Published Writings 9 - as referred to by *
my articles with Descriptive and Analytical/Critical content, as published in PROGRESSIVE ARCHITECTURE-P/A while I was served as Correspondent for 21 years, listed on the masthead, from 1975 - 1996: having been selected by Editor Bill Marlin of Architectural Forum, a number of pieces were "in progress" when that venerable magazine was taken over by Architecture Plus in a hostile buy-out (thereby destroying both, in fact). My friend Suzanne Stephens went to P/A, and convinced the Editor, John Morris Dixon to create a board of Contributors.These issues cover 1975 - 1981
'CLICK' on images for Caption and to review in Sequence.
In the days before e-mail, the Internet, and other technologies, soliciting, arranging to document, secure permissions, etc meant projecting credibility "the old-fashioned" way. As you can see in this sequence, my earlier Letterhead changed as the P/A graphics changed; the last 2 covers in this series show the graphic change.
My first Issue of P/A, and the start of 21 years having great fun with advocating inclusion of Content from elsewhere than the East Coast (ie: New York) and Los Angeles.
First time on the Masthead
Among my other Colleagues, with Sally finally getting representation for Northern California!
First time as Correspondent, first (brief) News Report in the same issue. I took the photographs, as I would do subsequently with other articles
An article was in the process of being developed when Architectural Forum was shut. As P/A was organizing an issue on "Waterfronts", I invited Suzanne Stephens to speak at the Museum of Fine Arts, Houston and then took her to see San Antonio's 'Riverwalk'. She was so impressed that I completed the piece for P/A, which includes my photography.
Another article had been in the works for Architectural Forum: comparisons between the Museum of Fine Arts, Houston (MFAH) second phase competion by Mies van der Rohe and the Contemporary Arts Museum (CAM) by Gunnar Birkerts.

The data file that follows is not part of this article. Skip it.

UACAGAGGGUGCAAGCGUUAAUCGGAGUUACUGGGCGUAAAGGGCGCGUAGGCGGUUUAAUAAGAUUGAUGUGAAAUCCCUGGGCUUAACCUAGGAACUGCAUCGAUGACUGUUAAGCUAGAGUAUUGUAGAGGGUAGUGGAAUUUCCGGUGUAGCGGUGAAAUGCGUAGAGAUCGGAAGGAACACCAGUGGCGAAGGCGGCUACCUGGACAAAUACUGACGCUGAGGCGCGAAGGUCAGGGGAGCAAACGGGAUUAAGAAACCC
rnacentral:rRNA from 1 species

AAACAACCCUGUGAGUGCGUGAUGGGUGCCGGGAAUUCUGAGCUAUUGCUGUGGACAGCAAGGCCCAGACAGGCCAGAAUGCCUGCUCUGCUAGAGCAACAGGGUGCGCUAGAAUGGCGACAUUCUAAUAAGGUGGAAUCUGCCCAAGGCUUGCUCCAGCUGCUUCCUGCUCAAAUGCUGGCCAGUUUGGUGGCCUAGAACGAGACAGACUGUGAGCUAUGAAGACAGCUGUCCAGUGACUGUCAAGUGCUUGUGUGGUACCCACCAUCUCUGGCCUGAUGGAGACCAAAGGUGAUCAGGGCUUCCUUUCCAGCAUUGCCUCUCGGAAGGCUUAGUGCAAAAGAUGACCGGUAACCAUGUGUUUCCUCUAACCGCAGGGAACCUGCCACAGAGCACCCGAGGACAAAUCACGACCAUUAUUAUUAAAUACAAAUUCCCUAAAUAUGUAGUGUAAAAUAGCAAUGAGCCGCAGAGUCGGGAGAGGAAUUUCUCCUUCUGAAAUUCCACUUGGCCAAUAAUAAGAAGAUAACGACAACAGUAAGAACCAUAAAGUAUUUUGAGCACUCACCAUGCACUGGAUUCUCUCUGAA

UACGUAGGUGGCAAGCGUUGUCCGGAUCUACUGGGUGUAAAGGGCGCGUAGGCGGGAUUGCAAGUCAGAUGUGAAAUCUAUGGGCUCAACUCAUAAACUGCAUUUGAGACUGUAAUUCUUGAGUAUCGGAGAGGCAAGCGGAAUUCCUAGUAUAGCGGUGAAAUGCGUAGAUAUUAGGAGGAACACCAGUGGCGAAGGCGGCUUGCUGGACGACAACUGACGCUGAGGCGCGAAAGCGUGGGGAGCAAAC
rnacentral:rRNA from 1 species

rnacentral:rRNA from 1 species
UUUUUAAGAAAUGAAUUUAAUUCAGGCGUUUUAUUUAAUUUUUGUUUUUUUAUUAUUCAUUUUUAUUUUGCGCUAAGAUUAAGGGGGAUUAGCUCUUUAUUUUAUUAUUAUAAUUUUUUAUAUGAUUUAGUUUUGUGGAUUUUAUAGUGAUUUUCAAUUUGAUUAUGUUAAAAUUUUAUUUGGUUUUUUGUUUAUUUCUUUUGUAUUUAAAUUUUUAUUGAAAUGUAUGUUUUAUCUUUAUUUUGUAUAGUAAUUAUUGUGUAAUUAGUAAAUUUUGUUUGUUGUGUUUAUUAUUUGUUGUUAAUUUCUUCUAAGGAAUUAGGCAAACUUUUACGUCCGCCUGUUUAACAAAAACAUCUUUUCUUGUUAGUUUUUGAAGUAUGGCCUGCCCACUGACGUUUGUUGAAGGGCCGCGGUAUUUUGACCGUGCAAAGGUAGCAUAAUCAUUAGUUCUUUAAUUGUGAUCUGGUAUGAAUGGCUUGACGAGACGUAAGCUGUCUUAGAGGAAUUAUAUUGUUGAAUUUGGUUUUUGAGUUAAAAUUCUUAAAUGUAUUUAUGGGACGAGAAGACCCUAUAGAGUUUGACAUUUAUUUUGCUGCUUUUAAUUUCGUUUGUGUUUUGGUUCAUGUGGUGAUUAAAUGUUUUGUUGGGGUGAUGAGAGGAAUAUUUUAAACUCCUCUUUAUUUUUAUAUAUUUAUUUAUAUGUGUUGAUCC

A trip to LA: with the 'dialectic' between "Whites" and "Grays" on the East Coast, Architects on the West Coast wanted to assert themselves as the "Silvers". Many were in Corporate firms, yet wanted to 'legitimize' their projects.
Tackling "The Big Boys": Philip Johnson's Pennzoil Place for 'prestige' developer Gerald Hines, critiqued as a viable Office Building typology.
Another trip to LA, to write about a 'pair' of houses by Peter deBretteville (one of the Perspecta 11 editors). The basic design scheme was the same, the details between them about 'client aesthetics'. Sheila deBretteville brought Feminist rhetoric to her home.
A profile of two South African architects, whose work was rooted in the principles of Modernism, inherited from the revolutionary architects of the 1930s.They were influenced by 'ZERO HOUR', a Manifesto dated April 1933, from U of Witwatersrand, among whom was Rex Martienssen, CIAM Member and personal friend of LeCorbusier. Houses and Housing demostrated that related typologies could embrace a diversity of Form.
THE MOST Fun!! A theme issue organized by Suzanne (which won the 1979 National Magazine Award in Single-Topic category), in which I wrote a sardonic piece on Oral Roberts University, visiting Tulsa, OK for 3 days. I took the photographs
ANOTHER of the 'Big Boys': I.M.Pei's Dallas City Hall. Again, all the photographs were mine.
My interest in "Houses" and housing caused me to advocate to the P/A Editors the inclusion of an emerging form in the reformation of Southwest cities. Houston's rather small urban grid lent itself to development of unitary clusters. Hence, a demonstration that a rigorous, related series of unit types could manifest both individual identity and Group Form.
Double Articles in a Theme on Adaptive Re-use: renovation of the old US Mint in New Orleans, and a News Report on the new Museum in San Antonio, from a former brewery.
I wrote many "News Reports" while Southwest Correspondent (Dallas, Ft.Worth, Houston, and New Orleans), so I would jump on the opportunity of including a Regional project in Theme issues. What is more the Soul of New Orleans than creating an urban park in an neighborhood without amenity named after Louis Armstrong?